Catalonia ; Including Costa Brava and Costa Dorada
The mountainous coastal region of Catalonia is located in north western Spain, bordering France.
Barcelona: The second largest city in the country is Spain’s most important industrial and commercial center and one of the most important Mediterranean ports. The Ramblas are the busiest street in town. There are art collections of international significance to visit, such as the Picasso Museum, the Miro Museum and the Fundacin Antoni Tapies.
The Museum of Catalan Art, the Maritime Museum (Museo Maritimo) and the Zoological Museum are worth a visit. Throughout the city you come across impressive buildings of which were only the old cathedral (1298-1448), Bishop’s Palace, the Palacio de la Generalitat and the Plaza del Rey mentioned.
The city of Barcelona is dominated by magnificent Baroque, period and art nouveau buildings in many places of the works of Catalan architect Antoni Gaud. At the age of 32 he took over in Barcelona the ongoing construction of Sagrada Familia (Church of the Holy Family). After over 100 years, the building is still – after Gaud’s plans – continued. One of the most beautiful residential buildings, which he built in Barcelona, including the Casa Mila and Casa Battl (an apartment house in the shape of a dragon, balancing on a melted piece of cheese).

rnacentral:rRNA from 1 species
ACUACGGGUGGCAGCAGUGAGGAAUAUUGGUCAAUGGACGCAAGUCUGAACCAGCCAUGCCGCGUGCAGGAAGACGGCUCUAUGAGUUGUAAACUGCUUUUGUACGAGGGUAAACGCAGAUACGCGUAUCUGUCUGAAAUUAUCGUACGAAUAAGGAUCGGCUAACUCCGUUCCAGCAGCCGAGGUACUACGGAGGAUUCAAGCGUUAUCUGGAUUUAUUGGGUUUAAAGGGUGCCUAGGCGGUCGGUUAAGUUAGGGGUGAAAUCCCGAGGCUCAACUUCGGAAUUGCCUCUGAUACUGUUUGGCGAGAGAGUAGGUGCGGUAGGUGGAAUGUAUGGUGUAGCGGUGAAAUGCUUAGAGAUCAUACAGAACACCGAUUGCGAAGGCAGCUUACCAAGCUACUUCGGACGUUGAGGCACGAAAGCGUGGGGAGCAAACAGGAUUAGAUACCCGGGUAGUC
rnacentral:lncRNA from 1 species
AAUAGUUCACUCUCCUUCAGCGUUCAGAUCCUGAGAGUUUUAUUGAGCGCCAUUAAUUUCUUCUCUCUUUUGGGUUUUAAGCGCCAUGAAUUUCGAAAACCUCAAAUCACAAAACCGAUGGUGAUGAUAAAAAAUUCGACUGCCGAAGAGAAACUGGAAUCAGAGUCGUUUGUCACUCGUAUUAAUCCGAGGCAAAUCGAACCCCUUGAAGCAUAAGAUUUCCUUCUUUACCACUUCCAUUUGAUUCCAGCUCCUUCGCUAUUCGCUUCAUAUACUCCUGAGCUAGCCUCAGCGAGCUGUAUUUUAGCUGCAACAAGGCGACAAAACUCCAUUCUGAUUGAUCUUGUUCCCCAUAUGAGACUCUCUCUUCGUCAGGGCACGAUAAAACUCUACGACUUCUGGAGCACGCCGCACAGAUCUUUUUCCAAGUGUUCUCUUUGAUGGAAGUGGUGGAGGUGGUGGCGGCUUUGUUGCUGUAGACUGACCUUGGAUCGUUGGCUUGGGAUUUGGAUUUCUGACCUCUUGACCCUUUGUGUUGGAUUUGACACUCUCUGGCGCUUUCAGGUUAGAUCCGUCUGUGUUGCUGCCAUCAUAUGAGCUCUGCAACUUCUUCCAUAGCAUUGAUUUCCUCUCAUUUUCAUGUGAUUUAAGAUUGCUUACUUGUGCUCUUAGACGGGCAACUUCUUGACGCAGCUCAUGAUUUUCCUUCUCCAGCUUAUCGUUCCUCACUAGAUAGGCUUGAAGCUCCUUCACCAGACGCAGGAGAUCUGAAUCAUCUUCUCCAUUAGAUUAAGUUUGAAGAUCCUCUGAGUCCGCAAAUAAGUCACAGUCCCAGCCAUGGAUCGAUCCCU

A bus runs to the north of the city located Parque Güell. From Tibidabo, the highest peak in the area, Montjuic, the leads a cable car, and the Parque Guell enjoys a splendid view over the city.
THE COSTA BRAVA: 65 km northeast of Barcelona that begins by pine-covered rocky shoreline. Here are some of the most popular holiday destinations in Spain. Some places, such as Tossa de Mar are unspoiled in spite of the extensive tourism and have their still relatively small town character preserved, while other places such as Lloret de Mar are intensely focused on tourism. During the summer months, the coastline is completely overcrowded. Coast ferries make connections to most resorts on the Costa Brava.